REVIEWED: SEASON 2 (ALL EPISODES) | WHERE TO WATCH: NETFLIX
Final Space’s sophomore season has just landed and, if you enjoyed the first ten episodes, you’ll know pretty well what kind of zany adventures to expect. If you’ve not heard of it, let us catch you up.
Gary Goodspeed is a prisoner aboard the Galaxy One, working off his sentence alone with the ship’s AI, HUE, a few sentry droids and KVN, who wants desperately to be his friend, but Gary can’t stand him. When a cute little green alien literally lands in his face, Gary names him Mooncake and takes him onboard, little knowing that the evil Lord Commander is after Mooncake due to his abilities to be a planet destroyer. So begins an adventure where Gary tries to protect his new buddy against others trying to steal him back as well as win over Quinn, who he thinks is the love of his life. We won’t spoil the season for you, but suffice to say that we were left on more than a cliffhanger, with the fate of most of the characters unclear in the last few seconds of episode ten as they either try to complete missions, thwart them or even make huge sacrifices for the greater good.
This second season picks up exactly where we left off and almost everyone has had to undergo some pretty major setbacks or changes as a result of the previous season's climax. Quinn is adrift in Final Space, HUE now finds himself in a robot body, Gary and his remaining crew members are forlorn and wondering what to do next and how to save Quinn.
One of the Titans (basically giant space monsters who can rip dimensional portals), Bolo, promises Gary he can help save Quinn if he gathers the five dimensional keys and frees him from his prison and so the crew crack on, shooting around the universe to locate the keys. In the process they encounter a race to the death, a happy spacecraft that is not all that it initially appears to be, a collision with a time rift and a planet being sucked into the Dark Zone. Mostly importantly, however, Gary is managing to connect with his estranged mother in a story arc that is both surprising and heart-breaking.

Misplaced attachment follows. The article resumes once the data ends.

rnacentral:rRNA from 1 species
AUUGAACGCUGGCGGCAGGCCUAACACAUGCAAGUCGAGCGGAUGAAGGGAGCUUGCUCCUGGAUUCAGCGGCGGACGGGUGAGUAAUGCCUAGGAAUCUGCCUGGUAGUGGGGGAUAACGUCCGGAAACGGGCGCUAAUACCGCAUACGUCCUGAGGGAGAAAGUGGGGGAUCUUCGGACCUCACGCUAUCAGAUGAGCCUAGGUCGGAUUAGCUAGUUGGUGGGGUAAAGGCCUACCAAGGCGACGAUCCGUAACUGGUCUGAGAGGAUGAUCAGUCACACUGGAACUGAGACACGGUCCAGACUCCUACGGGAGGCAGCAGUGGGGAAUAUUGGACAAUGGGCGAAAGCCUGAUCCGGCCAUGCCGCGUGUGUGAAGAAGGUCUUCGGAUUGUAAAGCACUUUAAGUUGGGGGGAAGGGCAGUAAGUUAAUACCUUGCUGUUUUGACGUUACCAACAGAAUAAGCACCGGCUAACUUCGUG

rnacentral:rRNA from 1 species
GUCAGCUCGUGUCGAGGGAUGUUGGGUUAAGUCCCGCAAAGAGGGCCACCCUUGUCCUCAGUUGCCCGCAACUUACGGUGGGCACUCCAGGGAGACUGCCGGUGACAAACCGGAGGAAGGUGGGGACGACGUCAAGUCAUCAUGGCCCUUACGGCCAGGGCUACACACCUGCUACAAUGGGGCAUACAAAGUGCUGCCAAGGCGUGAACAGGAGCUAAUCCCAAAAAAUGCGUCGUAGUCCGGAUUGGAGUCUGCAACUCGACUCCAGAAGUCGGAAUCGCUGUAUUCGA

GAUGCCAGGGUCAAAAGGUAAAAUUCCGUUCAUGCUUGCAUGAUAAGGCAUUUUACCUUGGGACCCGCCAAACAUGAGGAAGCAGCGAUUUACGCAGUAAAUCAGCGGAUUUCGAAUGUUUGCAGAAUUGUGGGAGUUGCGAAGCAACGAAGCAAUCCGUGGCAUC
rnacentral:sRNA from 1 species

This second season has been increased to thirteen episodes and the usual voice talent has returned, including show creator, Olan Rogers. Add in Fred Armisen, Steven Yeun, Alan Tudyk, Keith David and David Tennant among others and you’ve got a Starburster’s dream cast!
Sure, there are usual cliches about finding yourself and working with the family you have, rather than the one you want and the events within the storylines, especially how some of the characters react (Gary, in particular) are as irreverent as usual, but the overall arcs reveal some really dark moments. You genuinely feel for these cartoon characters as they suffer loss, there is not always a happy ending and, sometimes, you can even understand the actions of the bad guys. There are more grey areas here than you’d expect, compared to clear cut black and white scenarios, and that’s what makes this show so fascinating. There are moments that you will find yourself laughing your head off, others (sometimes within seconds) where you will either be shocked by the outcome or really feeling for the characters as events unfold.
Unsurprisingly, this season also ends on a cliffhanger, albeit a more upbeat one and the third season has already been greenlit. It seems that we may have not yet seen the end of one of the main villains and we can’t wait.
As Mooncake would say - Chookity!